Inspiring through a sports day

Netcare Rehabilitation Hospital hosted its annual sports day for people with disabilities on October 20 in Johannesburg. Former and current patients, accompanied by family and friends, attended the event, as did former patient and South African athlete Palesa Manaleng.

“I believe that anyone who has experienced life-changing, disabling injuries is a superhero. You don’t have to have magical powers. Just by living each day and reaching your goals, even if it is just one little step, makes you a superhero. You can do anything you want to do. You can dream just as big as you used to and even bigger,” Manaleng says.

Since its inception 17 years ago, the Netcare sports day has inspired and celebrated the possibilities and abilities that can be attained, even after suffering a disability. Manaleng notes: “Many people who suffer a disability due to stroke, amputation, injury or illness think that they cannot continue living a full life. This sports day provides the opportunity for former rehabilitation patients to meet up with new patients in order to demonstrate that you can still do so, even after sustaining a disability.”

General manager of Netcare Rehabilitation Hospital Joe Sandows comments: “In addition to demonstrating that many people with disabilities can live meaningful and active lives, this year’s sports day theme – ‘Strive for progress, not perfection – conveys another important message.

“Often the only thing a patient wants is to go back to being their former selves. To them, this involves the need to perfectly regain every ability they had before their disability. When this goal seems unreachable, patients tend to become extremely discouraged, often losing hope and forgetting all the progress they have made during their rehabilitation. The message we want to convey is that recovery does not mean that you have managed to perfect old abilities again. It means that you have developed new ones that will enable you to live a full and meaningful life.”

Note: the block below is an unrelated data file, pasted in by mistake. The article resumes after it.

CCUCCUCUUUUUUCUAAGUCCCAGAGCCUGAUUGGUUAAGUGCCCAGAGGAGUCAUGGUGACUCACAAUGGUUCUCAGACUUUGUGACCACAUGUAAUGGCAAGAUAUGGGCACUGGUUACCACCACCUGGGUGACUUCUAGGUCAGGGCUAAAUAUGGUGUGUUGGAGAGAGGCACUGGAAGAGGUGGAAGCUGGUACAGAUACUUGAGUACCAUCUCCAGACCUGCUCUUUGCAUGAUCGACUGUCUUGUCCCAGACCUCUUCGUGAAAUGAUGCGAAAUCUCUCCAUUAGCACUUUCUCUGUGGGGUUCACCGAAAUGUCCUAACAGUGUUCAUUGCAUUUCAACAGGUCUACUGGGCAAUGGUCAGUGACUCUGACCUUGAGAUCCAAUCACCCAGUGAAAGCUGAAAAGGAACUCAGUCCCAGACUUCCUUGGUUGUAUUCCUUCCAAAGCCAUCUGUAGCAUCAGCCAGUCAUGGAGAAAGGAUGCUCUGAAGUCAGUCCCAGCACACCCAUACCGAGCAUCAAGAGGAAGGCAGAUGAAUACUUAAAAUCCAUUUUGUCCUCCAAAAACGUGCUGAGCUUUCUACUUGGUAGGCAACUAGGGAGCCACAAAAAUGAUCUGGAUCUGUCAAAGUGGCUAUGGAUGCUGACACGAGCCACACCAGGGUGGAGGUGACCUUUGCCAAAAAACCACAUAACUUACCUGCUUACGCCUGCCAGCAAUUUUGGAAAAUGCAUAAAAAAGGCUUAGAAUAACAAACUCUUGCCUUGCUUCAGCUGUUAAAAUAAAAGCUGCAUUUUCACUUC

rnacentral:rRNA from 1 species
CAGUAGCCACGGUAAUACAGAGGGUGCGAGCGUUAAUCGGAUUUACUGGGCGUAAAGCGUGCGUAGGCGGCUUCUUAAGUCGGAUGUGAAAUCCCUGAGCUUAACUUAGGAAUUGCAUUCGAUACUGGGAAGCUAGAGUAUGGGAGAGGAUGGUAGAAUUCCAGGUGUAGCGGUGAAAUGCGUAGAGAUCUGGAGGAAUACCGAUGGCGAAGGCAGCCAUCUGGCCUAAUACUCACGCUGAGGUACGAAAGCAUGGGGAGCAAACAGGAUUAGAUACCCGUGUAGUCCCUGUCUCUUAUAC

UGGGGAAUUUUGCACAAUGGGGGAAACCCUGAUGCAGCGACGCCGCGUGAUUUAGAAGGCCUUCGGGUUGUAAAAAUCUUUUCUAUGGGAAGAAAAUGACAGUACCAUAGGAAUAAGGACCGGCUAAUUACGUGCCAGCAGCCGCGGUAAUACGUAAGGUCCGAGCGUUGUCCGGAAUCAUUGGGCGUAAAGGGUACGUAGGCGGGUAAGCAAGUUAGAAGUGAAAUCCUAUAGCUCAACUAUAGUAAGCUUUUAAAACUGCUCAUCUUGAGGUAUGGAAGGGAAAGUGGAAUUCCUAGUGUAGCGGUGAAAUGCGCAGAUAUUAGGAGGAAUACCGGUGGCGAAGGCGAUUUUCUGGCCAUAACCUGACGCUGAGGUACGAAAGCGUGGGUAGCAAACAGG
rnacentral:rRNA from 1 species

Palesa is a prime example of what this year’s theme aims to illustrate. After her accident she continued to participate in sports, representing South Africa at several World Cups, and is now training for the 2020 Paralympic Games in Tokyo.

“My disability has not slowed me down at all; if anything, it has made me stronger and more motivated than ever,” she says.

In addition to the fun activities and games that patients can participate in during the sports day, the event also aims to educate the public and break the negative stereotyping about persons living with a disability. Lauren Paikin, practice manager at Rita Henn and Partners, the physical therapy practice situated at Netcare Rehabilitation Hospital, points out that this year’s event is a testament to the progress that has been made in this regard.

“Almost two decades ago when the first sports day was held, very few people attended. Now, hundreds of people, ranging from small children to pensioners, attend. People suffering from disabilities are much more integrated and far more visible in the community than they were in the past and this is really what we all strive for,” Paikin notes.

“The Netcare Rehabilitation Hospital sports day is one of the most inspiring events in our region’s calendar and we look forward to hosting an even bigger event next year that will allow us to reach a larger portion of the 7,5 percent of South Africans who live with disability each day,” Sandile Mbele, regional director of Netcare’s South West region, concludes.

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